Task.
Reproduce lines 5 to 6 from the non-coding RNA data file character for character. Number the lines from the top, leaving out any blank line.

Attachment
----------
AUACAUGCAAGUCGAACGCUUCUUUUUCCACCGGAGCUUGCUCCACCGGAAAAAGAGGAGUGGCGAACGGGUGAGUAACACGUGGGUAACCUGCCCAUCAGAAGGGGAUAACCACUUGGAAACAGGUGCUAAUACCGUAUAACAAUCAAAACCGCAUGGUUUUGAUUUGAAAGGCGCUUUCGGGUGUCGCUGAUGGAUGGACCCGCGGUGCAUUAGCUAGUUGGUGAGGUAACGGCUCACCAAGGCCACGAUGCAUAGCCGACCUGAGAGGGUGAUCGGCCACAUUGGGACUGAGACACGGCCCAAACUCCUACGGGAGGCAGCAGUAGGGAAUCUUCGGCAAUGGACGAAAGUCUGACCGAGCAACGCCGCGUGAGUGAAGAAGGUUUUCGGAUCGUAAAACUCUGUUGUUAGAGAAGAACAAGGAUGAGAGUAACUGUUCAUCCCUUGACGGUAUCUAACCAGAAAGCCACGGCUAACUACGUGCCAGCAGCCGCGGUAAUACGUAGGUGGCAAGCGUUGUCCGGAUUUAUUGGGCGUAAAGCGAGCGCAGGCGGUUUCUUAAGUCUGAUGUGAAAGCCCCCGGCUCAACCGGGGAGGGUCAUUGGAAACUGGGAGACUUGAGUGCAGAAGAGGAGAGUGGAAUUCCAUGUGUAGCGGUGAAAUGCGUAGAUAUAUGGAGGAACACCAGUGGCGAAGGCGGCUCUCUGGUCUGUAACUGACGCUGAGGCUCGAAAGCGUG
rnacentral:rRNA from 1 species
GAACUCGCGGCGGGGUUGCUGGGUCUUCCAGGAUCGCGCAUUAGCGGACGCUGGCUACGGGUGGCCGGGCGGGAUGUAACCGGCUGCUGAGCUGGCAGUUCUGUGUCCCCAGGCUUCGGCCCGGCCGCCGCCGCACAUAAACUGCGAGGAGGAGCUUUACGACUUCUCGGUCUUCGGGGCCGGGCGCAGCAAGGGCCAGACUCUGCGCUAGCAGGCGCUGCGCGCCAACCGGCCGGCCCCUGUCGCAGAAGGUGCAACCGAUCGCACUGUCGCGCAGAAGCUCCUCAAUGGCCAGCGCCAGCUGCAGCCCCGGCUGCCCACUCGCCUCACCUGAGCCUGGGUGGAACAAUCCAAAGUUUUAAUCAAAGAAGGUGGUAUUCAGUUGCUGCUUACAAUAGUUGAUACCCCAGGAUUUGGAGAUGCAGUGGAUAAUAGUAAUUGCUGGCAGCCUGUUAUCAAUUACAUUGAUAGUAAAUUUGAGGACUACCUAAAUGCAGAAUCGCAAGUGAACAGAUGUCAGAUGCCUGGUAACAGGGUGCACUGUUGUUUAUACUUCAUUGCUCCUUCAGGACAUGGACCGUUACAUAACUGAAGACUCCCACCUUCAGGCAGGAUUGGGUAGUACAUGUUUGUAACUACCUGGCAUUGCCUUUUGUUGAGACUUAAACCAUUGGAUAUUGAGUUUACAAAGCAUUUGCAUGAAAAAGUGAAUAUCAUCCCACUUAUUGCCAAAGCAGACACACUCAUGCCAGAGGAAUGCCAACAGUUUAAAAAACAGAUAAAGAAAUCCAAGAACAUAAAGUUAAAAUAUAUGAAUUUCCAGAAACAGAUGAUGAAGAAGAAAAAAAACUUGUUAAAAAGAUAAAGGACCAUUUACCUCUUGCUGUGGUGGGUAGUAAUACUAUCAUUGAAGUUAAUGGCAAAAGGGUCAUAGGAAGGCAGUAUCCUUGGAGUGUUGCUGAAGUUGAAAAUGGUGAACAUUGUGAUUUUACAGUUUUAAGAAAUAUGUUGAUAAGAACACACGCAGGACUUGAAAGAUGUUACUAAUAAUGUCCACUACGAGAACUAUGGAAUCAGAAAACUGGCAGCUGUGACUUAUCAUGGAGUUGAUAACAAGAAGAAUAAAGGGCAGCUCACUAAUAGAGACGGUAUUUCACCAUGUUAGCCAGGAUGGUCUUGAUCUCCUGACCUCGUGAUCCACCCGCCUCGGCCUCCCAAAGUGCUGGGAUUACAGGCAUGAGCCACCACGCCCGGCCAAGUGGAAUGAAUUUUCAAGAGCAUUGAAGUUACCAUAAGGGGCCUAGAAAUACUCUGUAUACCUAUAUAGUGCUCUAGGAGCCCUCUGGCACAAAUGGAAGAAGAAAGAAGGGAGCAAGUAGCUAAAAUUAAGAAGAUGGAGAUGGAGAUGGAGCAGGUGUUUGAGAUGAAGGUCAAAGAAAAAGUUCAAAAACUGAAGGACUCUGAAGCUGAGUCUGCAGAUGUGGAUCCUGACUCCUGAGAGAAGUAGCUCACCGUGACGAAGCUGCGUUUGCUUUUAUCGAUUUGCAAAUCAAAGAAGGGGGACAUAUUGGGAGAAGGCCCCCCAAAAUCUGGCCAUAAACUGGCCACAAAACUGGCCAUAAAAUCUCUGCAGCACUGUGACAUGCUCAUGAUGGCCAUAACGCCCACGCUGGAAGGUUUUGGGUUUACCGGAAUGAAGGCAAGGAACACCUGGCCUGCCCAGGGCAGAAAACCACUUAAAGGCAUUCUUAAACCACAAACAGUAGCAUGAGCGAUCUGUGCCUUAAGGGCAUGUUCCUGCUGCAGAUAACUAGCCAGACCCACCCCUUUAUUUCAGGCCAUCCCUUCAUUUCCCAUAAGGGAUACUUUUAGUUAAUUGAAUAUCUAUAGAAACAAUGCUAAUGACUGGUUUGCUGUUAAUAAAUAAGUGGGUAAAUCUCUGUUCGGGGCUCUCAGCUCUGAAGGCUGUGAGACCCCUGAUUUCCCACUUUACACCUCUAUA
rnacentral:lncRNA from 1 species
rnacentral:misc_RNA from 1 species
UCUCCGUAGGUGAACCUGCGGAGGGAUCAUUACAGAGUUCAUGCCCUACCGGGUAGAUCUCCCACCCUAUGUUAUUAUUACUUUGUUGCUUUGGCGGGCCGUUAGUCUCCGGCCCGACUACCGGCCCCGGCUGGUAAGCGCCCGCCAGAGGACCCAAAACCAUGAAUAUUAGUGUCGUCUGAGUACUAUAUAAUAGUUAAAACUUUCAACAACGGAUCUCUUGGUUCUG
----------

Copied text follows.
rnacentral:misc_RNA from 1 species
UCUCCGUAGGUGAACCUGCGGAGGGAUCAUUACAGAGUUCAUGCCCUACCGGGUAGAUCUCCCACCCUAUGUUAUUAUUACUUUGUUGCUUUGGCGGGCCGUUAGUCUCCGGCCCGACUACCGGCCCCGGCUGGUAAGCGCCCGCCAGAGGACCCAAAACCAUGAAUAUUAGUGUCGUCUGAGUACUAUAUAAUAGUUAAAACUUUCAACAACGGAUCUCUUGGUUCUG